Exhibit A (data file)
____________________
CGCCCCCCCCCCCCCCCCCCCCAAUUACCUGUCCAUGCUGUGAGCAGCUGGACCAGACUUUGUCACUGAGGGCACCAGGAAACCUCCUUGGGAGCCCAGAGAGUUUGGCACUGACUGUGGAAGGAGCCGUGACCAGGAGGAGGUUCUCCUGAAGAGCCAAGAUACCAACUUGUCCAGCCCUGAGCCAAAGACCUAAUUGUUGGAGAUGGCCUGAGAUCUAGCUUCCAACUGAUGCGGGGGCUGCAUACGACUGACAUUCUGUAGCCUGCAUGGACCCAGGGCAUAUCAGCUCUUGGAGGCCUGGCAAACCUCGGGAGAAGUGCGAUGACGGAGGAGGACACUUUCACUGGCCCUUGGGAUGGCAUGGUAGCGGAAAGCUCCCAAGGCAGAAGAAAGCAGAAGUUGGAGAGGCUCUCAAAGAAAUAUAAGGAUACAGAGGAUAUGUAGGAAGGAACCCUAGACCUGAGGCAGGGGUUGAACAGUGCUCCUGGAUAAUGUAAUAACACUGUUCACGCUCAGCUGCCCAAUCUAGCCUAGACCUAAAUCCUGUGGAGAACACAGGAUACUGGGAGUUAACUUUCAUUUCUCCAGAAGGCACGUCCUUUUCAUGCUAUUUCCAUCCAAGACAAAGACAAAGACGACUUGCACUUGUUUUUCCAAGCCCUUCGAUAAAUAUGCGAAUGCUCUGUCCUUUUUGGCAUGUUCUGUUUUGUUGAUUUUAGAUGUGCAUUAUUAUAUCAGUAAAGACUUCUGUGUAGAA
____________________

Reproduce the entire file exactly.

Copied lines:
CGCCCCCCCCCCCCCCCCCCCCAAUUACCUGUCCAUGCUGUGAGCAGCUGGACCAGACUUUGUCACUGAGGGCACCAGGAAACCUCCUUGGGAGCCCAGAGAGUUUGGCACUGACUGUGGAAGGAGCCGUGACCAGGAGGAGGUUCUCCUGAAGAGCCAAGAUACCAACUUGUCCAGCCCUGAGCCAAAGACCUAAUUGUUGGAGAUGGCCUGAGAUCUAGCUUCCAACUGAUGCGGGGGCUGCAUACGACUGACAUUCUGUAGCCUGCAUGGACCCAGGGCAUAUCAGCUCUUGGAGGCCUGGCAAACCUCGGGAGAAGUGCGAUGACGGAGGAGGACACUUUCACUGGCCCUUGGGAUGGCAUGGUAGCGGAAAGCUCCCAAGGCAGAAGAAAGCAGAAGUUGGAGAGGCUCUCAAAGAAAUAUAAGGAUACAGAGGAUAUGUAGGAAGGAACCCUAGACCUGAGGCAGGGGUUGAACAGUGCUCCUGGAUAAUGUAAUAACACUGUUCACGCUCAGCUGCCCAAUCUAGCCUAGACCUAAAUCCUGUGGAGAACACAGGAUACUGGGAGUUAACUUUCAUUUCUCCAGAAGGCACGUCCUUUUCAUGCUAUUUCCAUCCAAGACAAAGACAAAGACGACUUGCACUUGUUUUUCCAAGCCCUUCGAUAAAUAUGCGAAUGCUCUGUCCUUUUUGGCAUGUUCUGUUUUGUUGAUUUUAGAUGUGCAUUAUUAUAUCAGUAAAGACUUCUGUGUAGAA